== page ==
OMG, the *books*. Piles of nonfiction, stacks of mysteries and romances, dusty autobiographies and Norton Anthologies (Norton Anthologies? really?!)…. I’ve carried books with me since I was in college — in the last century.
But as I found out during my home office reorg, in my gypsy lifestyle, books were important. The people behind them, the writers and the characters, were extended family. The Nortons represented happy college days in the library. Even though I didn’t have a house, they were my physical roots.
During my first coaching with Julie Morgenstern, author of SHED Your Stuff Change Your Life: A Four-Step Guide to Getting Unstuck, I marked the books as being the things to which I had the highest emotional attachment. In this organizing process, you first get rid of the things that are 100% obsolete, to which you have no attachment, building momentum to the obsolete items you’re most attached to. (As a quick reminder: SHED = Separate the Treasures, Heave the Trash, Embrace Your Identity and Drive Yourself Forward.)
I was so attached to them that, in our first session, we didn’t even set a schedule for them. My notes are “Books — get a context from the first round of shedding and then set a date.
What happened though, was that as I gained momentum by releasing the first round of items, it felt very natural to start clearing books. I had a gap between the first round and the second, where I hit my panic phase, but gradually, as I started to embrace my identity without my stuff , the books seemed less important.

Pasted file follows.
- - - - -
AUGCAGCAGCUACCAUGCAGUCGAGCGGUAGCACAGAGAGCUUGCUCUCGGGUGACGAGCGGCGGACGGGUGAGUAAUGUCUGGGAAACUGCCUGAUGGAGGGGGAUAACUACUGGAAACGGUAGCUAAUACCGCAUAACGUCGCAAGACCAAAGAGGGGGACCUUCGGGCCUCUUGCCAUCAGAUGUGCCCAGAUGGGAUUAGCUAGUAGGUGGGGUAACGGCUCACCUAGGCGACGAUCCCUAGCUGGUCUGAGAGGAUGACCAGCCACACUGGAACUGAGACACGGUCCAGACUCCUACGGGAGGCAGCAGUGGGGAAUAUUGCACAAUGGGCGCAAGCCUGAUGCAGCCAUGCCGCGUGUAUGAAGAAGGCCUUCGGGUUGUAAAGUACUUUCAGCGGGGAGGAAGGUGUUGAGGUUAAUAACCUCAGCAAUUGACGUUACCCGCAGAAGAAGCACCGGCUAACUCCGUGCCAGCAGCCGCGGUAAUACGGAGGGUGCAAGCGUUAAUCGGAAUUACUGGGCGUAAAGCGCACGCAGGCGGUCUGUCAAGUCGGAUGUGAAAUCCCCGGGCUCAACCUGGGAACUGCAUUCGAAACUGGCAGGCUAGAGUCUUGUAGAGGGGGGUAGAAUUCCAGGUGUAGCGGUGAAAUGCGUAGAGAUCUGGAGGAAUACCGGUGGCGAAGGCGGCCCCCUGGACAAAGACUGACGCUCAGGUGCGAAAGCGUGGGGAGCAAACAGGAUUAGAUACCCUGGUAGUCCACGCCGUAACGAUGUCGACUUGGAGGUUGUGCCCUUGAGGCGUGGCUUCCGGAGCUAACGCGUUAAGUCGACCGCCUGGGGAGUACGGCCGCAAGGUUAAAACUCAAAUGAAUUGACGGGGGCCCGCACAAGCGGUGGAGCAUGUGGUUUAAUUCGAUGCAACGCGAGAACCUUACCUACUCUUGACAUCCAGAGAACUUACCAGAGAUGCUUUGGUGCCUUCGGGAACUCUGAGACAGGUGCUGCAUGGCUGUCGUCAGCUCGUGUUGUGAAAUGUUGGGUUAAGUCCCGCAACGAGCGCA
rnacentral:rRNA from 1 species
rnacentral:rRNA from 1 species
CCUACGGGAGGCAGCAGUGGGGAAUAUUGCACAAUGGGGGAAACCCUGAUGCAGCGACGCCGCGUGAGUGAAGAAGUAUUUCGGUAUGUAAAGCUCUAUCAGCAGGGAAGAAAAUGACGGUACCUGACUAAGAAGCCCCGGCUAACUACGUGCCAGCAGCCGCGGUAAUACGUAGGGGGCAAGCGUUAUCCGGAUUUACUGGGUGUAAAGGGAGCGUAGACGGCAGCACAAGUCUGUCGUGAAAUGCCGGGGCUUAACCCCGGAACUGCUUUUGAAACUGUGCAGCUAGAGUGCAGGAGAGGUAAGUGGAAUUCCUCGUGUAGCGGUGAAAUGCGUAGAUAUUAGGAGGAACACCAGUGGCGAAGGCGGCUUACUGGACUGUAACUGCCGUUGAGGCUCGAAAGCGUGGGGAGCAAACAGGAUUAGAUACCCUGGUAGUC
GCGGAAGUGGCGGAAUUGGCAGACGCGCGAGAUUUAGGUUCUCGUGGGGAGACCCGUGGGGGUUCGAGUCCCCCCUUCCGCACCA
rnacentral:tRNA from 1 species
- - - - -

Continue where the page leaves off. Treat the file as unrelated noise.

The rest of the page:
I started on a Friday night, with good music on the stereo, a glass of wine, a bunch of boxes, a stack of sticky notes and a pen. Then, over the next few days, as I had time, I’d go sort books. I had to get more boxes because, as I asked each book, “Do you make me feel energized?” the giveaway stack grew.
One of my goals was to give books to family and friends — part of my goal to nurture relationships — so I put people’s names on the notes and stuck them to books. That pile was surprisingly small.
The local used bookstore has several options for book buyback. One is a large order — if your books fill one of those hotel laundry carts (the canvas kind on wheels), then boom…you’ve got a “large order.” I filled *two*.
I estimate I got rid of 250 books. Enough to empty one, entire bookshelf.
I didn’t spend a lot of time styling these because I’m moving in a month into my new house. But…wow! What a difference.
Julie’s challenge to me was to have only the things in my office that fuel my theme “Root to Flower,” and energize me. Looking at these pictures — with the good things from my marriage (the yellow chinoiserie urns were a gift from my former MIL) and childhood (lunch box, skateboard) — reminds me of my roots. The empty bookshelf is the room to flower.
Come back next week for the last post in this series, when I’ll tell you how Julie worked with me on Step 4, Drive Yourself Forward.